The crowd gasped with surprise at clips from this audacious, smart action satire, which throws conventional expectations out the window: Nic Cage shoots at his 14-year-old daughter (Chloe Moretz)-- to teach her how to take a hit in a bullet-proof vest; a caped would-be superhero leaps off a tall building with a single bound--and plummets to his death. The movie is funny--but it's also the sort of crazy execution-dependent picture that distribs insist on seeing in full. Even if it plays great at Comic-Con. After the panel, Screen Gems and Lionsgate, the most likely distribs for this material, both said they planned to contact WME, which is manipulating the sale of the film and showed the movie in L.A. the following Tuesday at the DGA. At the moment, said a spokesman, "there is keen interest but no deal is done yet."
Vaughn is not alone in appealing to the Comic-Con hordes. On the 40th anniversary of both the Con and Monty Python, Terry Gilliam and his backer, Samuel Hadida, also brought footage from Cannes refugee The Imaginarium of Dr. Parnassus, which still lacks an American distrib, although Gilliam says a deal is in the offing. Hadida also brought Solomon Kane, starring James Purefoy as the Robert E. Howard character. (There's some speculation that he's trying to bundle both films, which are going to Toronto, into one deal. At one time Sony Pictures Classics was also circling Parnassus.)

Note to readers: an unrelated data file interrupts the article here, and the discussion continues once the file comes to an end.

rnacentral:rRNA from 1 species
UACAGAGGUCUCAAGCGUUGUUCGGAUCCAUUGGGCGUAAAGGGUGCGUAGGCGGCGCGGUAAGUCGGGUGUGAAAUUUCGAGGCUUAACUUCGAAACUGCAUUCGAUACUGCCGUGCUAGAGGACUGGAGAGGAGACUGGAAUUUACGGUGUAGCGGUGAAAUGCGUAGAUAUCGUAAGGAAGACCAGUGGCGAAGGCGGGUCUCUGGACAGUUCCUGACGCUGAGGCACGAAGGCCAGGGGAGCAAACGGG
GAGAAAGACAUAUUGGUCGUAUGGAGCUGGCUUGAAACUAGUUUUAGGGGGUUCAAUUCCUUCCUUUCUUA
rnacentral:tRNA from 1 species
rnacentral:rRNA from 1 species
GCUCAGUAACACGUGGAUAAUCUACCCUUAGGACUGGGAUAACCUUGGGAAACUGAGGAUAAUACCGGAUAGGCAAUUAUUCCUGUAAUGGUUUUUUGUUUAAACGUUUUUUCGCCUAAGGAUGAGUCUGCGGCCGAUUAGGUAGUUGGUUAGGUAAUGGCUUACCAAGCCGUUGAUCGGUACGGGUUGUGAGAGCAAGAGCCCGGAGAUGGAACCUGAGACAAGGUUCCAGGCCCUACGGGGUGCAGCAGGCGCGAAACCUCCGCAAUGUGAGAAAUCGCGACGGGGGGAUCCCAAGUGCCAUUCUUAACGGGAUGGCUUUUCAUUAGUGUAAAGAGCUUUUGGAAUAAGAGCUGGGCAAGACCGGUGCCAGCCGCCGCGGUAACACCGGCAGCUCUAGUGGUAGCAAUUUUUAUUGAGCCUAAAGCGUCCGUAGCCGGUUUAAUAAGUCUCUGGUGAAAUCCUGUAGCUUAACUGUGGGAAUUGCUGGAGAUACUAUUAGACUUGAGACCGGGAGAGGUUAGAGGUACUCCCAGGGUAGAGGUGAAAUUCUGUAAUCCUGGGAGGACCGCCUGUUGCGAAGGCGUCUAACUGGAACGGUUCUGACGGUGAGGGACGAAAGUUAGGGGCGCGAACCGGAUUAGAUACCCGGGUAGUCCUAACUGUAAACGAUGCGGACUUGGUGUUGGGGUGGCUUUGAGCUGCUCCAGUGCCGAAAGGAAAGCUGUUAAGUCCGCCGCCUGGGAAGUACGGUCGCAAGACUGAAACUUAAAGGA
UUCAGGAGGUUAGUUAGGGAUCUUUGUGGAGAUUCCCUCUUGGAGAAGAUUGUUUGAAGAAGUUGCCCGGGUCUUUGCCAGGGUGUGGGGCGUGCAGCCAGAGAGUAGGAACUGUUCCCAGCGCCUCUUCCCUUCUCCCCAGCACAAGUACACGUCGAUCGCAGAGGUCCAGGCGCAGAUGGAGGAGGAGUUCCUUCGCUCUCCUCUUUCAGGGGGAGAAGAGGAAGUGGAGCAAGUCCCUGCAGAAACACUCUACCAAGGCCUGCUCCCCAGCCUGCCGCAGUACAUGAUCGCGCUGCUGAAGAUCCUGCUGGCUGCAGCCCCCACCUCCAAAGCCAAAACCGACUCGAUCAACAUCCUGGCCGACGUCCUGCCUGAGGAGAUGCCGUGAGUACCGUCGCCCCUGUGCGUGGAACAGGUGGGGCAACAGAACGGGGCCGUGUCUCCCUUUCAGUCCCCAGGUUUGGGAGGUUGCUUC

Joe Dante brought The Hole in 3D. Platinum and Hyde Park showed their Brandon Routh thriller Dead of Night, which is still seeking a North American release, with Omnilab Media supplying prints and ads. Comic-Con booked these films in order to help them find a home, said genre marketer and Comic-Con stalwart Jeff Walker.
"It's like a new festival," says press agent Michele Robertson, an early Comic-Con devotee who took the online fanboy media seriously--before the rest of Hollywood caught on.
Here's video from the Kick-Ass panel.
Here's a show-and-tell on Solomon Kane, and a shaky-cam trailer from the Con: